Article previously featured at Forbes.
We all panic when there are rumors of a reshuffle, recession, reorganization, downsize, or a new company acquisition that no longer includes you. And it’s not just limited to employees. Stoic management also reacts to stress and succumbs to the plight of fight or flight.
Everyone — from interns to the CFO — wastes brain-time and risks a misstep, whether contemplating an exit or actively running for the door. It’s during a professional earthquake I get panicked calls, their world turned upside down. The threat of unemployment and need for safety is real. Just ask Maslow.
I hear their panic to land on more solid ground. The grass is always greener. But oftentimes our instincts fail us and we are prevented from diffusing our situation to make the best decision.
Too often, I advise talent to stop. Breathe. And breathe some more. Then I invite them to talk their situation through. The end result: Most talent in fight-or-flight mode ends up being able to work through the challenge and drive their company forward to a more successful situation, building their career for the better. They will have demonstrated resilience. For others, I suggest finding ways to sit tight and lead changes. Change in your current organization can present new opportunities, you just have to get comfortable being uncomfortable to forge new possibilities.
The recent exit of Yahoo’s SVP, Adam Cahan, demonstrates inevitable layoffs during times of acquisition. For others, organizational changes can create great new opportunities. It’s personal and it’s about evaluating your situation.
Here are five leadership skills to self-coach during times of inclement change.
Firm And Flexible
Remain firm but flexible. You have a vision of where the company is headed and must now see it through and successfully execute or you will lose credibility, momentum and effectiveness. At the same time, you need to remain flexible in order to adapt to the changes and obstacles that appear in your path while keeping your focus on the ultimate objective. There is room for flexibility and deviation, and fostering a strong team requires agility. Be aware of how the execution of the vision affects performance levels and then tweak as needed. You want to achieve a goal but don’t be obstinate either. Remain open to feedback and adaptation.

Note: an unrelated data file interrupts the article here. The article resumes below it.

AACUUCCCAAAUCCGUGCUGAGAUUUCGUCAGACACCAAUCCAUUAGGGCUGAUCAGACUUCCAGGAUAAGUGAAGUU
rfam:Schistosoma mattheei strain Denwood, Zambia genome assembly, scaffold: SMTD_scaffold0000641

From talking to employees about their feelings to fostering an internal dialogue amongst colleagues and teams, communication is critical. Keep your hand on the pulse of what’s happening in the work environment every single day. This requires having your ear to the ground to get a handle on issues that may arise. Have your entire HR and leadership team work with employees to ensure retention of your best talent. Listening is your most valuable skill. You have to constantly take your department’s temperature and gauge where people are at that moment in time. Create an environment that fosters honesty and feedback or radical candor. It will save you and your team.
Check your attitude first and then the temperament of your department and team. Is it positive and productive overall? Or is morale weak and negative? In order to accomplish and achieve, the overall attitude needs to be positive. The mindset of the entire company will impact whether or not it is able to accomplish its goals. If there is a rumbling underneath the surface, it’s critical to address the problem and work toward creating a more positive atmosphere. Your objective is to motivate everyone around you. Keeping an upbeat, positive attitude will greatly impact the productivity of your team.
Create a clear chain of command and responsibilities. When a major turnover happens in an organization, confusion as to who is responsible for what can run rampant and frustrate everyone. Frustration leads to “the grass is greener” mentality. Focus the energy of your organization through delegating responsibilities. Don’t take on everything and micromanage. Instead, let the experts handle things. You hired the best, now get out of their way and let them do their job.
All of the above requires high levels of trust, which works both ways. You need to trust the people working for you and with you. Stress breeds mistrust and organizations can get into the danger zone. You have a team of people working for you. Trust them to do their job and create an atmosphere that supports honest communication. I suggest reading Radical Candor: Be a Kick-Ass Boss Without Losing Your Humanity by Kim Scott. Ask your team to read it simultaneously and use the app her company has created.
These soft skills require emotional intelligence and are critical in maneuvering through any major organizational change. To answer the question: Should I stay or should I go? What do you now think?
If you create the atmosphere described above, you’ve created the foundation for an organization that can really deliver its vision. That kind of turnaround is the success story your future employer will want to hear all about.